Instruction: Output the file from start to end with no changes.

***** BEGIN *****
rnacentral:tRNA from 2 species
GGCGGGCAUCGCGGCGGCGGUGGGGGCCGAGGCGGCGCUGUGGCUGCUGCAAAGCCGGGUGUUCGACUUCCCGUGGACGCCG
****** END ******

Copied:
rnacentral:tRNA from 2 species
GGCGGGCAUCGCGGCGGCGGUGGGGGCCGAGGCGGCGCUGUGGCUGCUGCAAAGCCGGGUGUUCGACUUCCCGUGGACGCCG